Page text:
Saturday, May 17, 2014

ADL’s globe-spanning study of anti-Semitism reveals that over 750 million people’s hatred isn’t about the Jews at all

The ADL’s massive Global 100 survey of worldwide anti-Semitic attitudes, published Tuesday, offers some sobering statistics. Some 1.1 billion adults harbor anti-Semitic views. In the Middle East, 74 percent of adults agreed with a majority of the survey’s 11 anti-Semitic propositions, including that “Jews have too much power in international financial markets” and that “Jews are responsible for most of the world’s wars.”
The complexities uncovered by the study are fascinating and important. They include, for example, the jarring discovery that 52% of Germans and Austrians believe Jews talk too much about the Holocaust — but also that young Germans and Austrians are shedding their parents’ anti-Semitic attitudes. The number of Germans holding such views dropped steeply from 33% among those over 50 to 15% among those under 34, and among Austrians from 41% to 12%. The German-speaking world is simultaneously growing tired of hearing about the Holocaust and more accepting of Jews.        
We find similar complexity in the discovery that Britain, a hub of global efforts to delegitimize the Jewish state, is nevertheless one of the least anti-Semitic countries in the world, while Greece, Israel’s newfound regional ally, is one of the most.
And while the Internet has toppled tyrants and created new opportunities for openness and development in the Muslim world, Internet use is also a significant factor in a Muslim becoming anti-Semitic. The prevalence of anti-Semitic views grew by some 20 percentage points among Muslims who get their news primarily online compared to those who get their news from television, newspapers or even religious leaders, the study found.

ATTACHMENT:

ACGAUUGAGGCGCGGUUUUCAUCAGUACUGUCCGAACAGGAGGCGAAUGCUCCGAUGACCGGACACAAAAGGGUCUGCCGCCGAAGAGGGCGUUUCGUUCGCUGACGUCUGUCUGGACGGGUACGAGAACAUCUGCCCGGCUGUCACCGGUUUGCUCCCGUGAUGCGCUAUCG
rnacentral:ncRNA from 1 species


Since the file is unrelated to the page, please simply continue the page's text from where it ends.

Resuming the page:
These are valuable insights, and the survey offers many others.
More than 2,500 people, many of them non-Jews, participate in a march to mark 70 years since the deportation of the Jews of Thessaloniki (Michael Thaidigsmann/ WJC via JTA) More than 2,500 people, many of them non-Jews, participate in a march to mark 70 years since the deportation of the Jews of Thessaloniki (Michael Thaidigsmann/ WJC via JTA)
Yet the study shines not in the details, but in its sweeping international perspective. In interviewing over 53,000 people in 93 languages across 102 countries and regions, the survey pieces together a global picture of the web of stereotypes and hatreds through which a significant swath of humanity views the Jews. It enables us to go beyond the narrow confines of each nation’s politics and prejudices and think more deeply about the phenomenon and the essential question that lies at its root: Why do they hate us?
The question is put into sharp relief by the finding that fully 27% of people who have never met a Jew nevertheless harbor strong prejudices against him. Or, indeed, that a huge majority, 77%, of those who hate Jews have never met one. Even more starkly, the survey found an inverse relationship between the number of Jews in a country and the spread of anti-Semitic attitudes there. As a general rule, the fewer the Jews in a particular country, the more numerous the anti-Semites.
This should not surprise us. We already understood that anti-Semitism is skyrocketing in precisely those parts of the world where Jews fled from or perished in the last century, primarily the Middle East and Eastern Europe. But by giving numbers to these beliefs, the study allows us to think more carefully about the sources of the phenomenon.
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